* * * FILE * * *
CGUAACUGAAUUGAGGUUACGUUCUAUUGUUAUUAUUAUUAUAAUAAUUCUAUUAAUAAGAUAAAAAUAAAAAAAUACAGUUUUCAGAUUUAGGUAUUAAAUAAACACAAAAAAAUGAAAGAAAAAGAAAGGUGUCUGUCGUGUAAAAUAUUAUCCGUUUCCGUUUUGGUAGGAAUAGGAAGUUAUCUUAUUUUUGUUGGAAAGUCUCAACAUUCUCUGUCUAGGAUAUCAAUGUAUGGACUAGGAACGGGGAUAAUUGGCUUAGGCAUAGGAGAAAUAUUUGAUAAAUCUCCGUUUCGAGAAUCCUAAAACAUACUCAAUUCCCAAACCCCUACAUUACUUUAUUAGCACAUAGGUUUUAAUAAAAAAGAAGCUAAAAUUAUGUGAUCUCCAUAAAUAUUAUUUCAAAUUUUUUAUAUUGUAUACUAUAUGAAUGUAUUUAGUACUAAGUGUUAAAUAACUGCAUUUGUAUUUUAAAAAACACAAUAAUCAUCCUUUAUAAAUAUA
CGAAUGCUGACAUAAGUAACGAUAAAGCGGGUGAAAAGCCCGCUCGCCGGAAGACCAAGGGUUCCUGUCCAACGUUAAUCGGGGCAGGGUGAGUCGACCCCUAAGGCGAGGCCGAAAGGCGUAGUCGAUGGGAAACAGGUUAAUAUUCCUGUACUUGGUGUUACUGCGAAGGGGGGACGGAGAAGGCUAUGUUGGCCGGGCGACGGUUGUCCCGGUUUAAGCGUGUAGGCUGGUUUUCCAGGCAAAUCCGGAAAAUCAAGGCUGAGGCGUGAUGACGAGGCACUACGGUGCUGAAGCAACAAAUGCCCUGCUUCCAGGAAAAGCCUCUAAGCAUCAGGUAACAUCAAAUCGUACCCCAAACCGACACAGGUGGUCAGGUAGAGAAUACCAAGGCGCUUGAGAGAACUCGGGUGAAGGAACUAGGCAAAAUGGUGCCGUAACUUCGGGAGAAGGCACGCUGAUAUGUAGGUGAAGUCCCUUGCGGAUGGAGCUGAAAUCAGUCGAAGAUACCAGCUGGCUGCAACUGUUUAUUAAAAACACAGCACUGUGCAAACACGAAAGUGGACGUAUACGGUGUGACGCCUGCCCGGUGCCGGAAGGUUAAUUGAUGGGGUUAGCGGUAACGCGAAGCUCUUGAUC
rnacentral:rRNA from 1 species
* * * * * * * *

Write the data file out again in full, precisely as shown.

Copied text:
CGUAACUGAAUUGAGGUUACGUUCUAUUGUUAUUAUUAUUAUAAUAAUUCUAUUAAUAAGAUAAAAAUAAAAAAAUACAGUUUUCAGAUUUAGGUAUUAAAUAAACACAAAAAAAUGAAAGAAAAAGAAAGGUGUCUGUCGUGUAAAAUAUUAUCCGUUUCCGUUUUGGUAGGAAUAGGAAGUUAUCUUAUUUUUGUUGGAAAGUCUCAACAUUCUCUGUCUAGGAUAUCAAUGUAUGGACUAGGAACGGGGAUAAUUGGCUUAGGCAUAGGAGAAAUAUUUGAUAAAUCUCCGUUUCGAGAAUCCUAAAACAUACUCAAUUCCCAAACCCCUACAUUACUUUAUUAGCACAUAGGUUUUAAUAAAAAAGAAGCUAAAAUUAUGUGAUCUCCAUAAAUAUUAUUUCAAAUUUUUUAUAUUGUAUACUAUAUGAAUGUAUUUAGUACUAAGUGUUAAAUAACUGCAUUUGUAUUUUAAAAAACACAAUAAUCAUCCUUUAUAAAUAUA
CGAAUGCUGACAUAAGUAACGAUAAAGCGGGUGAAAAGCCCGCUCGCCGGAAGACCAAGGGUUCCUGUCCAACGUUAAUCGGGGCAGGGUGAGUCGACCCCUAAGGCGAGGCCGAAAGGCGUAGUCGAUGGGAAACAGGUUAAUAUUCCUGUACUUGGUGUUACUGCGAAGGGGGGACGGAGAAGGCUAUGUUGGCCGGGCGACGGUUGUCCCGGUUUAAGCGUGUAGGCUGGUUUUCCAGGCAAAUCCGGAAAAUCAAGGCUGAGGCGUGAUGACGAGGCACUACGGUGCUGAAGCAACAAAUGCCCUGCUUCCAGGAAAAGCCUCUAAGCAUCAGGUAACAUCAAAUCGUACCCCAAACCGACACAGGUGGUCAGGUAGAGAAUACCAAGGCGCUUGAGAGAACUCGGGUGAAGGAACUAGGCAAAAUGGUGCCGUAACUUCGGGAGAAGGCACGCUGAUAUGUAGGUGAAGUCCCUUGCGGAUGGAGCUGAAAUCAGUCGAAGAUACCAGCUGGCUGCAACUGUUUAUUAAAAACACAGCACUGUGCAAACACGAAAGUGGACGUAUACGGUGUGACGCCUGCCCGGUGCCGGAAGGUUAAUUGAUGGGGUUAGCGGUAACGCGAAGCUCUUGAUC
rnacentral:rRNA from 1 species